“We had a fancy tent,” she said. “It had a floor, rails and a canvas top. It was two rooms: we had a kitchen and a living room. I remember that very well.”
Berry’s husband worked at the plant for 33 years before he retired and became a commissioner for Palo Pinto County for the next 16 years.
In the 1940’s, both of Berry’s brothers enlisted in the Navy and fought in the World War II. One was at Pearl Harbor during the Japanese attack in 1941. He survived, but spent nine months in a hospital in Hawaii. Both brothers returned from the war safely, but Berry said it was nerve-wracking, especially when they heard the news of Pearl Harbor and did not yet know her brother’s fate.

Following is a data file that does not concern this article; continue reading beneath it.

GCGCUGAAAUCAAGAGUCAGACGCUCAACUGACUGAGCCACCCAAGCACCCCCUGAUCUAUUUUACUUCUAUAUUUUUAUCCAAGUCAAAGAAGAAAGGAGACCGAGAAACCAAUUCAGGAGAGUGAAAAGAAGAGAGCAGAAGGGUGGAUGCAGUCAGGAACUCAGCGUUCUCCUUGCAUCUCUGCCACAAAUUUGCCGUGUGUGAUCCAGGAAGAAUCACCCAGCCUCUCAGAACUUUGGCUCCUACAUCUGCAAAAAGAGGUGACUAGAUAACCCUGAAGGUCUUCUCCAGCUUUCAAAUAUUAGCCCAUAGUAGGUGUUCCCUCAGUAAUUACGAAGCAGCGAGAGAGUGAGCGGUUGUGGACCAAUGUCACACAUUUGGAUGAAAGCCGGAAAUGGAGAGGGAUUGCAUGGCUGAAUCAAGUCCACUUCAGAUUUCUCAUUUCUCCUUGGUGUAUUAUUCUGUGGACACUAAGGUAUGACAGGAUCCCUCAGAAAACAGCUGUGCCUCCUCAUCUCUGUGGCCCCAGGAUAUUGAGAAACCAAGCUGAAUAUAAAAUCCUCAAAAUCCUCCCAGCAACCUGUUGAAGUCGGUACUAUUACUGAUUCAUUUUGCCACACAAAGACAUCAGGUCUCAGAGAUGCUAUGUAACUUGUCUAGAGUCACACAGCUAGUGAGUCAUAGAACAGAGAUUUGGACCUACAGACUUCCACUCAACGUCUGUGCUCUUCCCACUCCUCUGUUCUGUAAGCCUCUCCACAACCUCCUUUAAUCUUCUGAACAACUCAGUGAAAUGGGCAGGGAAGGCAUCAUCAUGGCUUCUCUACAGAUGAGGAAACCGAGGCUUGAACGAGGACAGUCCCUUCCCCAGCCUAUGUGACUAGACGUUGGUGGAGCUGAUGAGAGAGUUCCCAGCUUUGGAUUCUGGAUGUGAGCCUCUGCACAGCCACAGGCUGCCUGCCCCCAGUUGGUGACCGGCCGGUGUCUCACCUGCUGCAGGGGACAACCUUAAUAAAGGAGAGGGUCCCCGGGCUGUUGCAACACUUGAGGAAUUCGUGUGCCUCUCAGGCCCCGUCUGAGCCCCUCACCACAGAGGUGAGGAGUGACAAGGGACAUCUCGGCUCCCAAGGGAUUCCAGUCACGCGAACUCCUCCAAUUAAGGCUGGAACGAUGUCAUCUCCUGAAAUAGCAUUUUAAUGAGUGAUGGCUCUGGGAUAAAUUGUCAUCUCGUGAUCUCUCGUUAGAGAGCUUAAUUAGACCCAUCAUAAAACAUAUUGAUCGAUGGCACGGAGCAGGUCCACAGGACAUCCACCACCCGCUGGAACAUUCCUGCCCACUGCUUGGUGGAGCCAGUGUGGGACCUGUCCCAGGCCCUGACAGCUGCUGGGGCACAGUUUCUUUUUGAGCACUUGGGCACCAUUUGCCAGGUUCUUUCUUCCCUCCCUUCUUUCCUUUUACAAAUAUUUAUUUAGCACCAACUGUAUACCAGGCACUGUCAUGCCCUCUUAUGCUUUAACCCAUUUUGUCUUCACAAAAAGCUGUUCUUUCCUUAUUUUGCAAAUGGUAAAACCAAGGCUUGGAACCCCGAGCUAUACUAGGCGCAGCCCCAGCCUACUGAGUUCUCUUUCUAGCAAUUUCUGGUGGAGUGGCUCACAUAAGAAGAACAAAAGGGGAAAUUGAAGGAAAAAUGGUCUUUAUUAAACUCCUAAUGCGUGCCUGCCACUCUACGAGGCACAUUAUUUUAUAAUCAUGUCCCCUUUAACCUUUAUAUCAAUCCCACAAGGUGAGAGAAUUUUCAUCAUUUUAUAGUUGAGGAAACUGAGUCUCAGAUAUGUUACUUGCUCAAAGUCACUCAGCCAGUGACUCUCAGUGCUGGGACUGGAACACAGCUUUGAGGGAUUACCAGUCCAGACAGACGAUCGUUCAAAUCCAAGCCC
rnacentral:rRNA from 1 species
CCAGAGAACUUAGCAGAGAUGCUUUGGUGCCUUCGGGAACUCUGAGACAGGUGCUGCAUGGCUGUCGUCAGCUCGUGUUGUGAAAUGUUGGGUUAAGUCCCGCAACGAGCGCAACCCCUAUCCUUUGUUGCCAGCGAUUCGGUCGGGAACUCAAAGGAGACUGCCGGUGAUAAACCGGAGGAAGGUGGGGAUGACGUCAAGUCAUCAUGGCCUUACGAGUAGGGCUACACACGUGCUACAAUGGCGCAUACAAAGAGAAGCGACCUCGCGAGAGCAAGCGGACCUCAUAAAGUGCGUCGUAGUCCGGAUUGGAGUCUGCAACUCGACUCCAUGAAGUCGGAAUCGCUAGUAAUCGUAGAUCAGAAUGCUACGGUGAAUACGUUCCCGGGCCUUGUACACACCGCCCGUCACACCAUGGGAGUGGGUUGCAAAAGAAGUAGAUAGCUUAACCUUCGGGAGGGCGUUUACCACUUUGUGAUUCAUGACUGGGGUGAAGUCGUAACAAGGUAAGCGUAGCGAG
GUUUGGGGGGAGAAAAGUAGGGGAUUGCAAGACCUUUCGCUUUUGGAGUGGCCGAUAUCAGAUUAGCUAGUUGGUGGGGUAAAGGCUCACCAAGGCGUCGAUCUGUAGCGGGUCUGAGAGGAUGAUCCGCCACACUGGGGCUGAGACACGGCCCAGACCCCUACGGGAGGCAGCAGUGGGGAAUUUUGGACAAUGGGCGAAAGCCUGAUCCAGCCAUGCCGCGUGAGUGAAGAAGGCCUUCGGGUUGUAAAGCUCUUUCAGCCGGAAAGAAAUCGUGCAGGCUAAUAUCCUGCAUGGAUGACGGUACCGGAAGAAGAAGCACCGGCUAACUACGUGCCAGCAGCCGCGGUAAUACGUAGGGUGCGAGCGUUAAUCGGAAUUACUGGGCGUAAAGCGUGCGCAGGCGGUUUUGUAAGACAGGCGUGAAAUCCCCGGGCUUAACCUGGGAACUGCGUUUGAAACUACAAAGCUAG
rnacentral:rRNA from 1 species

“Oh, we worried about it,” she said. “We thought he was gonna get it, but he didn’t. Thank the Lord for that.”
Throughout the remainder of the 1900’s and into the new millennium, Berry continued to live her life with a smile on her face and her nose to the grindstone. Boone said she is very thankful for her mother on her centennial.
“It’s wonderful. I’m 78-years-old and I’ve had her 78 years. I come in and visit with her and we talk about old times. Some days she gets things pretty straight and other days she gets mixed up. We just go on anyway. I’m just glad to have her all these years.”
In Berry’s words, sometimes she does forget things, but after all, she’s 100 years old, so she has a pretty good excuse. Regardless, her jovial nature remains.
“I am happy. I’ve been happy a good long while,” she said. When asked if perhaps that was why she has lived so long, she replied, “Well, it could be. It could have something to do with it.”